Why don't we buy the Ukrainian Zorya?
Actually, these thoughts came to mind when Okoloradsky and I were thinking about dancing with money around Ukrainian defense enterprises. It turned out interestingly when the Chinese were simply pushed aside and Americans were drawn instead.
It is quite possible that the "Antonov" and "Motor Sich" are not so needed by the gentlemen mercenaries from the "Academy", although the cunning Mr. Eric Prince will profit even from empty shell glasses. Knows how, rascal, not to take away.
Perhaps it is much more profitable for the Americans that all Ukrainian factories do not go to the Chinese. However, this requires a lot of money. So much money. And money today, in a crisis, is somewhat not the kind that should be scattered even for strategic purposes.
But when it comes to such a serious adversary, which is China, money is not worth sparing. That's why Eric Prince can do it.
And here the thought was born: in what way are we worse than the Americans? Not in terms of organizing intrigues to China, but in terms of obtaining what is very necessary for ourselves.
Not so long ago, we were all heartily glad that our UEC (United Engine Corporation) launched two new engines for warships. This is really wonderful, because our fleet is on a starvation diet in terms of ship engines. And even such a seemingly mundane thing as a diesel engine brought to a series, we rejoice from the bottom of our hearts.
Yes, Russia has had problems in this regard since 2014. As soon as there was a break in relations with Ukraine, the supply of engines produced by neighbors stopped. And then relations with Germany ended, which stopped supplying its engines under the sanctions.
And sheer beauty has come. We sailed to the point that Chinese engines began to be installed on our warships. With all the ensuing consequences, like a cut ship hull to remove a jammed engine.
Ugly. But it seems that the light at the end of the tunnel dawned. However, two engines in 20 years is very small and very slow. But then you can remember the old principle of lazy people: if you can't do it yourself, buy it.
Of course, now some will say: we would buy, who would sell? It's like that. German diesels are not shining for us. We will abandon the Chinese ourselves, if it were not for that. What about Ukrainian ones? For example, from the company "Zorya-Mashproekt"?
Yes, the plant is now located on the territory of a country that is unfriendly to us. So what? But this country, as practice shows, is very friendly with the dollar (especially which falls into the pocket) and sells everything that is possible. And often what shouldn't be sold.
But the engines that the plant is still able to produce can be very, very useful to us.
It is clear that everything is being watched from the United States, and, as in the case of the sale of Motor Sich to this country, they are interfering. In fact, the Chinese are too civilized and educated. It did not occur to them that when the deal cracked at the seams, they just had to increase the amount in envelopes, and everything would be nice and quiet. And now the courts for three and a half billion, and even with a black hole in Ukraine ... No, unfortunately, there is no chance of getting the money back from China.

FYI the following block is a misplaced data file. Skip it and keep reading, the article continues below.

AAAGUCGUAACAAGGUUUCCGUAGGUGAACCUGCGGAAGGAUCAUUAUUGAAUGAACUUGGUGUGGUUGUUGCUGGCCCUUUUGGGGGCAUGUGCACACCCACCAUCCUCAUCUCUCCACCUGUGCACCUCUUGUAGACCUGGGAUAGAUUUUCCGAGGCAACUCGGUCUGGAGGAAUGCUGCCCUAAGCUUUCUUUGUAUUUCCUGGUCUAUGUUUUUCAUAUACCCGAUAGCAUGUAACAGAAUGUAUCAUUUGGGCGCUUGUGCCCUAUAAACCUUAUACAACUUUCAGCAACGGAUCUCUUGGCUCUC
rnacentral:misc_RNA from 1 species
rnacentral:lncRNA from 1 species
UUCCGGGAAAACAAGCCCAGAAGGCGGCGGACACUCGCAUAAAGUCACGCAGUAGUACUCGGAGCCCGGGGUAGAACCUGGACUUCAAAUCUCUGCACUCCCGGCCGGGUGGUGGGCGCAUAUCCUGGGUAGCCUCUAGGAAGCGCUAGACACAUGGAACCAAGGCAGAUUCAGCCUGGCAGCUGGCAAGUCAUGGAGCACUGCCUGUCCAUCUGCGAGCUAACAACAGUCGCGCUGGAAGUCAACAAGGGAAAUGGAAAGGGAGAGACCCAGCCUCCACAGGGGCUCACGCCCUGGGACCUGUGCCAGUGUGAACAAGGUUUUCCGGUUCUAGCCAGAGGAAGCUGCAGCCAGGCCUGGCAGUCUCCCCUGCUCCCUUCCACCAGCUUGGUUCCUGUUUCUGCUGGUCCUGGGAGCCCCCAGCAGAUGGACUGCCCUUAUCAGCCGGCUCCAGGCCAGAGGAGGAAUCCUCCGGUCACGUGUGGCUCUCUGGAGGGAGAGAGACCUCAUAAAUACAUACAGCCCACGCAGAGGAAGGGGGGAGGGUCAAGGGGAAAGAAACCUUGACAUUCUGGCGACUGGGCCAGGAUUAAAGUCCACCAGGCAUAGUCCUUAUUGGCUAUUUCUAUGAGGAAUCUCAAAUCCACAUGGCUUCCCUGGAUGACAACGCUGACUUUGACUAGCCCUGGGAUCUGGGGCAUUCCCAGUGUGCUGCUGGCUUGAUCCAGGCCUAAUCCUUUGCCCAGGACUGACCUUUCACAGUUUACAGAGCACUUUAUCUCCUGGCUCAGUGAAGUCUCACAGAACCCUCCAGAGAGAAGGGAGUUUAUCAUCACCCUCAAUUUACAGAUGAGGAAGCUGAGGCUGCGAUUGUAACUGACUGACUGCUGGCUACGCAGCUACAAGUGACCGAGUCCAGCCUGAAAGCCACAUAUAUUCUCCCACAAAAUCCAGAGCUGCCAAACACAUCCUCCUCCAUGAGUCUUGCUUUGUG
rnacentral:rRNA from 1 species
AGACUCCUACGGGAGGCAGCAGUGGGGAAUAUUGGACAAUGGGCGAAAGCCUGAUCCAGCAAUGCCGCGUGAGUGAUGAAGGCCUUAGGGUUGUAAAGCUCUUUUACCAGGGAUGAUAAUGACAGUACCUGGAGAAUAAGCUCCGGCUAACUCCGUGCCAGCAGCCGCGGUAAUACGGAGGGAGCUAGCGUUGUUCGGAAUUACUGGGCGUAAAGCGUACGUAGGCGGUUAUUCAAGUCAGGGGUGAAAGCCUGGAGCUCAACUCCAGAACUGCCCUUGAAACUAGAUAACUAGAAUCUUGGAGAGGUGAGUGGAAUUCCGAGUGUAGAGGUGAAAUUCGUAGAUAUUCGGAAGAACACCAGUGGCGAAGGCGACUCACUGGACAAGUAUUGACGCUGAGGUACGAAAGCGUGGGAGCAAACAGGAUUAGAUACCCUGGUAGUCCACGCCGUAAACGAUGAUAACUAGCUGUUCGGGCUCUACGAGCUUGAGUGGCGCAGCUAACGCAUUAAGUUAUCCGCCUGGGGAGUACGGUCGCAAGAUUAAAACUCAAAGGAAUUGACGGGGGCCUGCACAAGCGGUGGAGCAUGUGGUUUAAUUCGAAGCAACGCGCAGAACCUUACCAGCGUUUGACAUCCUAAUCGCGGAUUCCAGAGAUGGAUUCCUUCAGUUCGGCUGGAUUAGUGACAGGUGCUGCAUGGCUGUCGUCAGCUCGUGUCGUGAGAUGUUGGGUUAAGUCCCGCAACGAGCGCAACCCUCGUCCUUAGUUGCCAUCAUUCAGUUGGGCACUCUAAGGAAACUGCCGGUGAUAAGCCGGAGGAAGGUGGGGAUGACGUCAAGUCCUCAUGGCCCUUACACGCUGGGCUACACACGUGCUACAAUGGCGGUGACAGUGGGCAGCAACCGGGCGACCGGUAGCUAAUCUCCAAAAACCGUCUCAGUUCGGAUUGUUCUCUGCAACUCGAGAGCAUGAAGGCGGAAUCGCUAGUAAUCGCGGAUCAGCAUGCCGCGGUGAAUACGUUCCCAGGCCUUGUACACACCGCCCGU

But what if a company from a country more or less loyal to the United States, and apparently not in relations with Russia, proposes to buy an engine-building plant? Another question, where to get such a country, a company, of course, is not a question, just like money, if you set yourself a goal.
It is clear that our eternal allies such as Belarus, Mongolia, Armenia and Kyrgyzstan will not fit. It is one thing to buy several dry cargo ships from Ukraine, which then "suddenly" appeared on the "Syrian Express"; it is another thing to produce engines for warships.
It is a pity that today we have no allies of such caliber through whom such an interesting operation could be carried out. To be honest, nothing even comes to mind. But it would be nice: "Zorya-Mashproekt" to pass under the control of firm X from country M, orders begin to go, Nikolaev specialists return to their jobs, ships enter the port, take orders ... Grace and idyll. And nobody really cares where these engines go. For example, the frigate Alonso de Ojeda, which will be built in South Korea. Or in Russia. Or in Iran. This is the third question.
Of course, with a strong desire to track where the engine went, as happened with the Siemens turbines in the Crimea, it is possible. Especially if you want to. But the question is - who wants to track the path of diesel marine engines?
And all the same, there are options, how to calmly bury the fat, that is, the engines.
In the end, if there is such a booze, and everything that can be sold is being sold in Ukraine - why not buy? This, as our friends from a small but very thought out country would say, would be a good gesheft.
One could think about how to buy what we need. The main question here is not how much money, we usually have it. The main thing is through whom. We are more than sad with our allies, but it’s not a bad move, it seems to me. There is an opinion that some country like Argentina or Chile would come up from South America.
Perhaps the readers will have other options, it would be interesting to get acquainted.
And you must admit, until "Zorya" is completely torn apart, this is a very interesting and fat piece. And we just would not have choked completely, Ukrainian engines would be useful to us ...
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